It was after prayer over a year ago, that Reuben encouraged me to look for his brothers and sisters online. I knew absolutely nothing about the 327th being on line and was totally new to computers at that level. From the time I made contact with the 327th, my entire life changed. The love and conversation that I did without for 37 years has been manifested in the brothers’ kind attention to me and to the sisters’ kind attention to me.
So you see, God loves the soldier. God loves them. And when they are off of the battlefield and healing–on this side or the other–they are with God, in Heaven.
It may be frightening to some, to hear or read what I am writing, but every serious change in my life, God has permitted Reuben to be with me. You see, I have a personality type that fits into basically one percent of the population, sometimes, when I am doing other things related to spirituality, I function within the five percent range. I have been used on the cutting edge of Love’s work all my life. It is a terrible and a marvelous place. I have always been behind enemy lines. But, God has been and is faithful. Just as God has been and is faithful to soldiers. Brothers and sisters all!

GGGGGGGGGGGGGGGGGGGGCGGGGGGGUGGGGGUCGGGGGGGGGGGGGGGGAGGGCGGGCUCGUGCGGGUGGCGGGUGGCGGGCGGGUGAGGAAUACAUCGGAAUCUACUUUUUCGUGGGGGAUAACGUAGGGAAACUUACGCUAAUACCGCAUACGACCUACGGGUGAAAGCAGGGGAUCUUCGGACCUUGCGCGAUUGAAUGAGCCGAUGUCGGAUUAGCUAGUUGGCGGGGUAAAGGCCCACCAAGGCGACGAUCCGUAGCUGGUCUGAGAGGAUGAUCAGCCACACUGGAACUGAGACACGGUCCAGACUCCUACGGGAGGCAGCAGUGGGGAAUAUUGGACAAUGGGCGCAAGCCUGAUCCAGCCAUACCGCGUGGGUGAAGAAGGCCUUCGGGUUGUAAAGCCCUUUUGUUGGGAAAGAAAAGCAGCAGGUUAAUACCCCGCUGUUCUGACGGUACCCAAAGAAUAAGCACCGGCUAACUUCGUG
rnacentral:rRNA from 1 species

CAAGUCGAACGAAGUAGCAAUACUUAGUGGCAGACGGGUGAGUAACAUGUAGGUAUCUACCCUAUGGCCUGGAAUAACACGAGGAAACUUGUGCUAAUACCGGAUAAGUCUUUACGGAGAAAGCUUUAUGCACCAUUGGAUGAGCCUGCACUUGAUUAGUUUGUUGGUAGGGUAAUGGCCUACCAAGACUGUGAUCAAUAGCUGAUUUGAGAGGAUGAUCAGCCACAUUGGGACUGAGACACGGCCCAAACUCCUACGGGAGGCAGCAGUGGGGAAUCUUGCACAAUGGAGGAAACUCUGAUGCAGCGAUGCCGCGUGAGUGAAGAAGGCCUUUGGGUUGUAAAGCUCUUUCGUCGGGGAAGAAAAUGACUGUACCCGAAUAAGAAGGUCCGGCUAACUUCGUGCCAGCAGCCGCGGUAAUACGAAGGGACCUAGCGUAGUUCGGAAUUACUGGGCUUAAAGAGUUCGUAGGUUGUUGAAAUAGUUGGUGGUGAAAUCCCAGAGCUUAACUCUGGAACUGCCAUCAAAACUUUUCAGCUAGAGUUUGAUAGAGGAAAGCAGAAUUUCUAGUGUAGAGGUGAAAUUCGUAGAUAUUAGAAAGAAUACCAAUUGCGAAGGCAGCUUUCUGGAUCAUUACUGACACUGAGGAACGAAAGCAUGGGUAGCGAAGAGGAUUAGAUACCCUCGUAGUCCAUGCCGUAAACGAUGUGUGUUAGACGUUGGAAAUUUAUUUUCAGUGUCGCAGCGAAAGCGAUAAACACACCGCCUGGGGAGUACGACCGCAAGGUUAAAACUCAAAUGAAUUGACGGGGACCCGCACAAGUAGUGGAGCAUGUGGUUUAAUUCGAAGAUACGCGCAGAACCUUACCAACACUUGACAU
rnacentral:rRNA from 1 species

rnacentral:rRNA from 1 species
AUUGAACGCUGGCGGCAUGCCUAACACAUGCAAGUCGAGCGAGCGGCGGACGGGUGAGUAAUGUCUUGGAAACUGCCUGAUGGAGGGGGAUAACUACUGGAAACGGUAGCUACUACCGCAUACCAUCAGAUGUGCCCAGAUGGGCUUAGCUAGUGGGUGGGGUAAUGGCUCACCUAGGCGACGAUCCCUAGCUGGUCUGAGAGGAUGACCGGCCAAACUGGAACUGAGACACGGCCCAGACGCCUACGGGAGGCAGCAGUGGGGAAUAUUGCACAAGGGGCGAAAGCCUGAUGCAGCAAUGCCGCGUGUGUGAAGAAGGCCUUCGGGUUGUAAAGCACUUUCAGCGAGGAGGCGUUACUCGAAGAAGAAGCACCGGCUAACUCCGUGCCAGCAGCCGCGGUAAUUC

Some day, I shall write more of the journey in The Spirit of God before I was blessed to be in contact with Dave, Dale, Tom, Ed, Galen, Houston, Rene’, Martinez, Remirez, Valez, Wilson, Bliss, Ned, Sgt. Press, John Lewis, Suzi, Sharon and others! Without Reuben’s being in Heaven, being allowed by God to help comfort me, I would never have met with you. Never! Yes, God is Real, and has been with each and every soldier and is with each and every solder–those no longer on active duty, those struggling with the memories of Hell, those about to go on active duty, and those on the other side. At this time, I am blessed to be in touch with all of you. Blessed to meet and greet you and your hearts–tried and true–blessed that you all are the kindest, bravest of persons. Oh, yes, there is another rather shy person, Bunn Pate, who contacted me as well. All of these contacts from a soldier’s efforts on this side, culminating on the other side in continued love, continued courage, continued concern for all of us. I bow to God to think that all of this is so very possible, so very bathed in love. We are blessed, aren’t we?
I pray that all my brothers and sisters would be released from the pain of war. That all would be able to reach out and “feel” each other and share their wonderful creativity with all. I have met many of you, many. I have spoken with many more. My life has been enriched to the point of joy! At the mere mention of your names!
Reuben L. Garnett “Daddy Grace’s Sister & YOURS!!!